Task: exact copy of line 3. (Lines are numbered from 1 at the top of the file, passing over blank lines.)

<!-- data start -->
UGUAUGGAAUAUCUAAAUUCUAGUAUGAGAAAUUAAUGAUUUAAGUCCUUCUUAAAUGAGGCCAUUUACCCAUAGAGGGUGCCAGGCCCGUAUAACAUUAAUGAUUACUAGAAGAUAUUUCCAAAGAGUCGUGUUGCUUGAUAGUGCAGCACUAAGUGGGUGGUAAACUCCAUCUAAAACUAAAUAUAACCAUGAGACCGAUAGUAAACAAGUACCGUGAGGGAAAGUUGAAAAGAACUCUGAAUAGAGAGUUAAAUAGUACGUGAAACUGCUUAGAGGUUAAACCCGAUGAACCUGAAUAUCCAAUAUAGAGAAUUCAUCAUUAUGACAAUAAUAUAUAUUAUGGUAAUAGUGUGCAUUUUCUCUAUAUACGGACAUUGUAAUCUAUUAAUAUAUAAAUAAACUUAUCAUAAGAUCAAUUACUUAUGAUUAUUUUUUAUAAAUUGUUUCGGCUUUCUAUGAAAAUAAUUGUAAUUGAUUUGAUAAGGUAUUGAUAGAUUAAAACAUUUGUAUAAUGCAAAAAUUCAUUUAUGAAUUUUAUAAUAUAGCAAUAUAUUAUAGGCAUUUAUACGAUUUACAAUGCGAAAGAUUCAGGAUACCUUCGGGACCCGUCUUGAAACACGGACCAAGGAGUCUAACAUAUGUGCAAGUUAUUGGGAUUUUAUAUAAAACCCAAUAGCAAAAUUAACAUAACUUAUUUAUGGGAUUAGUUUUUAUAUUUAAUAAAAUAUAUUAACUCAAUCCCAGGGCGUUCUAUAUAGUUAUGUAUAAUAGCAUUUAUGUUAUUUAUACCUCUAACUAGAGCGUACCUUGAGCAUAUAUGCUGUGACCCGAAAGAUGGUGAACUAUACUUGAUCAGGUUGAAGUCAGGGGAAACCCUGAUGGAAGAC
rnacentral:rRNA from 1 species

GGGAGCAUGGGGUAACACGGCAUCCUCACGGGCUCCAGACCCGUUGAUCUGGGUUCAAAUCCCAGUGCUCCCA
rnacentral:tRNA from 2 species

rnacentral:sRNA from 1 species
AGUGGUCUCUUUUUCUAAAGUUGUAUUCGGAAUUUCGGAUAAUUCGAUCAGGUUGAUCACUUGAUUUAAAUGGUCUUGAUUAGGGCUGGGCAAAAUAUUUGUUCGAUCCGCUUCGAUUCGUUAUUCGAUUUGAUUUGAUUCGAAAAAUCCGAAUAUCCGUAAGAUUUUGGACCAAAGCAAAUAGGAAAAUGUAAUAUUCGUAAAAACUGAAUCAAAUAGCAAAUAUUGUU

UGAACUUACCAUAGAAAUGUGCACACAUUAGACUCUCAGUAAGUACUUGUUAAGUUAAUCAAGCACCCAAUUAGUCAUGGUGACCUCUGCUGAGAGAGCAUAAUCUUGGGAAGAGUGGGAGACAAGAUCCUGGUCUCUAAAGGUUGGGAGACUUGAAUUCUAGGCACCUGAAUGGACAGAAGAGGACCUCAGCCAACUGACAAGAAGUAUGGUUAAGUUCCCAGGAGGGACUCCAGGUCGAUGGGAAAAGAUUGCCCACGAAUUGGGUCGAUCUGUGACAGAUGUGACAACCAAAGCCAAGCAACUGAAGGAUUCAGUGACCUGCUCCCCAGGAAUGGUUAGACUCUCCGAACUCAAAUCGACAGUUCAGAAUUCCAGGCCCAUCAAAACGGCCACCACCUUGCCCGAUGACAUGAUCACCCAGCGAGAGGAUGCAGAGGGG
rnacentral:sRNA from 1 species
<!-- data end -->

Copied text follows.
GGGAGCAUGGGGUAACACGGCAUCCUCACGGGCUCCAGACCCGUUGAUCUGGGUUCAAAUCCCAGUGCUCCCA